Every place we’d talk to, they all wanted to capture the freshmen coming in, along with people with disposable income. We did that every semester. Then, I became Hall Director. I took a big 11×17 sheet and made a message board. This was so popular that businesses started buying all five spaces on the top of the board.
Once I finished my MBA, it was time to move on from being Hall Director. The Passbook—the big coupon book that was popular at the time—was used by kids as a fundraiser. The problem with this was, the book was so big that people never really used it.
I had the idea that you could just take the 100 best coupons and put them in one book, called Freedom Checks. You could just put them in your pocket or purse and carry them with you.
I talked to the guy who was the head of the Red Raiders organization and brought the big Passbook—which they had used but hadn’t found a lot of success with.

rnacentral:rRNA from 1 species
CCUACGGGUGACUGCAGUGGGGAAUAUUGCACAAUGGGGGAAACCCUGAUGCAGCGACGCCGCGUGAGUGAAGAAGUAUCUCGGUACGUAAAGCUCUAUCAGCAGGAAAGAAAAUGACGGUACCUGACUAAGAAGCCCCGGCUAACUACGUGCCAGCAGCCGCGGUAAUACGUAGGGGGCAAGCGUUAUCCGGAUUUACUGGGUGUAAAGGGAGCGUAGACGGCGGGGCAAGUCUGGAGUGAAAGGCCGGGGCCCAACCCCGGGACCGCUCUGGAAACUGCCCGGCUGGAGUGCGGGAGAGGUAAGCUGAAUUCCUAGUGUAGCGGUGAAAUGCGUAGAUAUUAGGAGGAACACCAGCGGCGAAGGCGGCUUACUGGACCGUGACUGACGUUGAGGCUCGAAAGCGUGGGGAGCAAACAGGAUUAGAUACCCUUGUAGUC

I got some of the best vendors on board. I leveraged that, and I got all 100 I was looking for into the book within two weeks. I had a lot of success with that.
Q: Did you try to scale this system? What was the result?
When I tried to scale it, I hired people. I made the mistake of assuming everybody was like me.
It’s all about helping people—which is my goal today—to have bigger visions of what they can do and not limit their experiences. Leaders need to set expectations and hold people accountable.
You can go as high as you want. The only difference between you and the highest performers is that they believe.
The secret to good leadership is prying the blinders off. People can achieve anything they want to do. Find your passion, and money will follow.
Q: How did you get from Freedom Checks to the magazine?
While I was doing Freedom Checks, I was also doing a couple other things. I had a chance to participate in a sales position with a pet magazine, where I was selling the ads. From that experience, I learned how magazines were created.
After that, I was back to ground zero. It was like starting over. But when you start over, you know all the mistakes you made.
Q: What happened next?
One day, I was driving down the street. I passed a veterinary office and realized they might need a pet magazine.
So I rented an office and set up calling stations. We didn’t have the magazine yet, but we knew who we needed to sell to. These veterinarians needed to convince their clients they needed to take their animals to the vet—this was to compete with Banfield and other clinics popping up.